Historical Observations: The Greek Election of November 1920

October 31, 2021

The death of young King Alexander in October 1920 raised the issue of succession to the Greek throne but the choice came down to his two brothers, Princes George or Paul. Eleftherios Venizelos offered the throne to Paul who declined it, which became a major issue in the Greek election.

The British weren’t so confident of a Venizelist triumph. Sir Eyre Crowe of the Foreign Office stated that Venizelos was aware of the problems confronting Greece. Venizelos spent more time on external issues rather than focussing his attention on establishing Greek administration both in the old and new Greek territories. Lord Curzon, the foreign secretary, regarded the Greeks to be incompetent and corrupt and stated that “I gather from all the indications that the Greeks would now be only too willing to exchange for the ex-King [Constantine].” The British Minister in Athens, Lord Granville mentioned that the peace conference proved favorable to Greece at a time when Venizelos held a huge majority in parliament. However, he had been informed that there was growing opposition to Venizelos in Greece.

Nikolaos Politis, the Greek Foreign Minister, had earlier informed Venizelos that once the Treaty of Sevres was ratified that provisional voting lists for Thrace and Smyrna be prepared to register all Greeks and Moslems who wished to be Greek citizens. The Greeks in Thrace and Smyrna viewed Venizelos as their hero and liberator.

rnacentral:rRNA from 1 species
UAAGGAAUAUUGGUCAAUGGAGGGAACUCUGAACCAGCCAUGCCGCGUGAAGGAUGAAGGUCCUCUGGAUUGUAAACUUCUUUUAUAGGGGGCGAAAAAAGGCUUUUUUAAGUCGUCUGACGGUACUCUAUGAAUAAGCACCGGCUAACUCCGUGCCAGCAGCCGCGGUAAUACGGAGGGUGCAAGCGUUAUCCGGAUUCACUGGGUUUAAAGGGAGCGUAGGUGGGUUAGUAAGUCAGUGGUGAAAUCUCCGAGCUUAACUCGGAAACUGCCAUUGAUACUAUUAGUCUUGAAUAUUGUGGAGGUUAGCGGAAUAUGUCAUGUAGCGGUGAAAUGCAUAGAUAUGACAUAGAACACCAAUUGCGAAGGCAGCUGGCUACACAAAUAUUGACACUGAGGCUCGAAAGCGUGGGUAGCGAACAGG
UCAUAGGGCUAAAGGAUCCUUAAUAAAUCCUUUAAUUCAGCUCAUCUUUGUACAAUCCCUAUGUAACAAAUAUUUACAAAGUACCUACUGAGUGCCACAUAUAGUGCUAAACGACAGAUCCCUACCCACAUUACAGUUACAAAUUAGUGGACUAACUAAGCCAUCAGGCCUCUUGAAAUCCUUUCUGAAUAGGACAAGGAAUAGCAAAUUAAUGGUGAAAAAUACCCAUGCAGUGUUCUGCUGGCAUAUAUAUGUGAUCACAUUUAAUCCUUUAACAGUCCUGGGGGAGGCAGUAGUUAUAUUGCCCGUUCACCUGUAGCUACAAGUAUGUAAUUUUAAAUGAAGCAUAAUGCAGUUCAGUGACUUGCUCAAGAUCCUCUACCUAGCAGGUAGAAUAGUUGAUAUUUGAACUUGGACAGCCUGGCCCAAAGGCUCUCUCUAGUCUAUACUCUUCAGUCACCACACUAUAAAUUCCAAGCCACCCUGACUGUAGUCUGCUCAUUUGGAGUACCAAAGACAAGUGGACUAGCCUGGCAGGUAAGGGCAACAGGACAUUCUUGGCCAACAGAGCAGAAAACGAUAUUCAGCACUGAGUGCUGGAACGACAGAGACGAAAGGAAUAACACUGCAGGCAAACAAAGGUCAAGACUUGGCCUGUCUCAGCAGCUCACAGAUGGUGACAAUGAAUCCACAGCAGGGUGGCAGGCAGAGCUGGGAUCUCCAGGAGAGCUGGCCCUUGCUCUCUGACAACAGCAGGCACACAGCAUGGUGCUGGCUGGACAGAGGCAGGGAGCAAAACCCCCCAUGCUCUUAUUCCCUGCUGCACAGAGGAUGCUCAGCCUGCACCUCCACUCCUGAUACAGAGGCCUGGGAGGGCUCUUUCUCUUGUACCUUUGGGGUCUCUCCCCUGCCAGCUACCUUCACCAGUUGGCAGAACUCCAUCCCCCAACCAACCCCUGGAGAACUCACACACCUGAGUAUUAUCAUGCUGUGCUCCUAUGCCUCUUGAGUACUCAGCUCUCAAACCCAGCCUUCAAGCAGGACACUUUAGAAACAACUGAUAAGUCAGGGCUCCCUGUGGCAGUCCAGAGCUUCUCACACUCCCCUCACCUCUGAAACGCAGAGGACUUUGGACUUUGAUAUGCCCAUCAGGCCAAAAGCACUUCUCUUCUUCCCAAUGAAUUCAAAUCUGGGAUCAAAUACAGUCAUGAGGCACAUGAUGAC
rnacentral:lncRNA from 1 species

Another measure was allowing the army to vote in the elections, which caused divisions within its ranks in Asia Minor. Prolonged mobilization and hardships saw many soldiers wishing to return to their homes. Even before the election campaign, representatives of the opposition political parties addressed soldiers at the front with some turning against Venizelos. For a time, the Greek High Command feared a breakdown in discipline.

A ‘United Opposition’ was established in March 1920 to defeat Venizelos. They weren’t interested in factional disputes but would enter the election united with agreed parliamentary candidates. The attempted assassination of Venizelos on August 12 in Paris by two disgruntled Royalist officers sent shock waves to Athens. Venizelists went on a rampage destroying the offices of opposition newspapers. Things got worse. The assassination of Ion Dragoumis, one of the heroes of the Macedonian struggle, by security forces in Athens was viewed as an unforgivable crime by the Royalists.